This is a goal-driven method using benchmarks as targets. It requires good competitive data that deeply analyzes where your competitor is spending, how much they’re spending, the tactics that they’re using and what media mixes they’re spending against. It aims to erode market share against the category leaders through impression generation and all sorts of marketing tactics to make you look bigger than you actually are. 

Pros: This is really good for products that are trying to catch up or for products that are early in their lifecycle, especially if you’ve got a really high-quality product that’s only suffering because it’s not as mature as its competitors.

Cons: It’s definitely a slower process than the percent of revenue and top-down approaches, respectively. It takes a good deal of analysis and amazing competitive intel that some teams may not be able to gather. Though one of the best tools you have for the share of voice analysis and figuring out budgets is to look at search volume, specifically on Google and YouTube. And if you’re on mobile, looking at the iTunes store search data would be important.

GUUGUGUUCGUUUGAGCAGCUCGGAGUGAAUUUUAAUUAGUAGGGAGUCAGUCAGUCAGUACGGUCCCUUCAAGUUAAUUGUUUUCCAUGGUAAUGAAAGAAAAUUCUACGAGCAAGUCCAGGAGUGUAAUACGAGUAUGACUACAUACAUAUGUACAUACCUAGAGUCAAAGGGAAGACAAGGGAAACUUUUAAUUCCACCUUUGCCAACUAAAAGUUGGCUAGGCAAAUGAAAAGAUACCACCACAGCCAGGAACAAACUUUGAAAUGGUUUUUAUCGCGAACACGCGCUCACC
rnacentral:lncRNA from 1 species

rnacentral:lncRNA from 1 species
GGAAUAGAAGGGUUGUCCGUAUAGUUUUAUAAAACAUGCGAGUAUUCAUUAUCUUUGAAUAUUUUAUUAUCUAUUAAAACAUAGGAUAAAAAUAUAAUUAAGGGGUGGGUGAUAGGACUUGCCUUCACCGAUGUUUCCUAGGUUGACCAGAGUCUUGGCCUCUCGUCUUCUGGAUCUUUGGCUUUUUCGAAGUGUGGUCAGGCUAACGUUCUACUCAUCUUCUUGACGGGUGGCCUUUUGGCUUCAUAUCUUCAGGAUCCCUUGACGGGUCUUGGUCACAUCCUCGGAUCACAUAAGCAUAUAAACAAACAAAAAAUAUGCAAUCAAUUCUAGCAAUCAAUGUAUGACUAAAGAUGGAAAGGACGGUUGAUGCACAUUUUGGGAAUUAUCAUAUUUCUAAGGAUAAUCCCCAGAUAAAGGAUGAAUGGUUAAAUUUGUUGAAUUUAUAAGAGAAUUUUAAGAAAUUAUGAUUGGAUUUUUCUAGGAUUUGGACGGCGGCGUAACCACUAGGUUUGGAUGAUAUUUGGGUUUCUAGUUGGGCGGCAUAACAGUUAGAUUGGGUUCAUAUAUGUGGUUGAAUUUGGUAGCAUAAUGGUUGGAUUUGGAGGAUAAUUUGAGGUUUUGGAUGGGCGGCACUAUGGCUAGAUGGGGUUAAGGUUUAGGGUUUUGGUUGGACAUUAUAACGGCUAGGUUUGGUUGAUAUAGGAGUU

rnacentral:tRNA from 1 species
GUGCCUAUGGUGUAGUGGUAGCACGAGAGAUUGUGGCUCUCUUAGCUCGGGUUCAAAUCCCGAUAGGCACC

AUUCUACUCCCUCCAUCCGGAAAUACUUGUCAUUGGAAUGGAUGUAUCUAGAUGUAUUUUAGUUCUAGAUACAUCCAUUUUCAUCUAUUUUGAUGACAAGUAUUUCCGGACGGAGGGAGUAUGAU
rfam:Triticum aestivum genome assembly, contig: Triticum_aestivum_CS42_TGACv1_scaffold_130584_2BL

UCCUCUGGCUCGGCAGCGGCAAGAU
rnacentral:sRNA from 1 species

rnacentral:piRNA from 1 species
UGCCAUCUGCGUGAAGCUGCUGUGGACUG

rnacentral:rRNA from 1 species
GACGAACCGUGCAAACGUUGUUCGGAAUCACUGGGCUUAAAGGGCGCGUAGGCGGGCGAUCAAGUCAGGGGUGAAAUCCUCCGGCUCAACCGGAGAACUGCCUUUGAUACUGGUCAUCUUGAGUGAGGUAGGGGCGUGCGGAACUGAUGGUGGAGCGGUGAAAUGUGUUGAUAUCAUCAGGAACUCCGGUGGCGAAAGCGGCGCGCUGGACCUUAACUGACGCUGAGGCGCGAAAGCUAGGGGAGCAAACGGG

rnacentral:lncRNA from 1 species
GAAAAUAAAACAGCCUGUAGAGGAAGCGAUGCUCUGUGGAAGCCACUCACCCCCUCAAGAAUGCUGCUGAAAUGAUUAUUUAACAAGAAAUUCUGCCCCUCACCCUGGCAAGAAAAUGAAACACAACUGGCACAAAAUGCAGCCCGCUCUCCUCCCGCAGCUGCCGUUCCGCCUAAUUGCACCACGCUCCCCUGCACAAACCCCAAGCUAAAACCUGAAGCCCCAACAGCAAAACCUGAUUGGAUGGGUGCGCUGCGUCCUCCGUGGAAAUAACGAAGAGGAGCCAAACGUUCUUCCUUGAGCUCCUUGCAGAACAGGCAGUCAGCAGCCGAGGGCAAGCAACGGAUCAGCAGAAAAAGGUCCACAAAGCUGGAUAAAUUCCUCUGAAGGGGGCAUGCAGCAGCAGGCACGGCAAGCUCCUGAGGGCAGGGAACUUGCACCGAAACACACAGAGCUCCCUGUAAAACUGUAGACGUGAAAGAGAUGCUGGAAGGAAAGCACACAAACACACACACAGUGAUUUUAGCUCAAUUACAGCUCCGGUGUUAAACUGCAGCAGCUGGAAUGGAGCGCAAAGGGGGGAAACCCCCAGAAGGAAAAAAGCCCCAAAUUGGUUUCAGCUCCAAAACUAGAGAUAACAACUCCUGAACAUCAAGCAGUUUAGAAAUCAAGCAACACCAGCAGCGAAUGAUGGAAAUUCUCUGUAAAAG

It also doesn’t take into consideration outliers, such as other competitors that you’re not including in that competitive analysis.

Typically used for: A game in a category where you’re not the market leader.

Zero-Based Budgeting

In this scenario, the budgeting process begins from scratch, so marketers start from $0 and build a budget that fits the strategy needed to make their product successful. This requires a very seasoned and well-rounded marketer that deeply understands their product and what is needed for their product to be successful.

Pros: It provides great agency to the marketers and the teams who created the budget. They feel responsible for the marketing dollars that they have to deploy because they were the ones that decided what that dollar figure should be.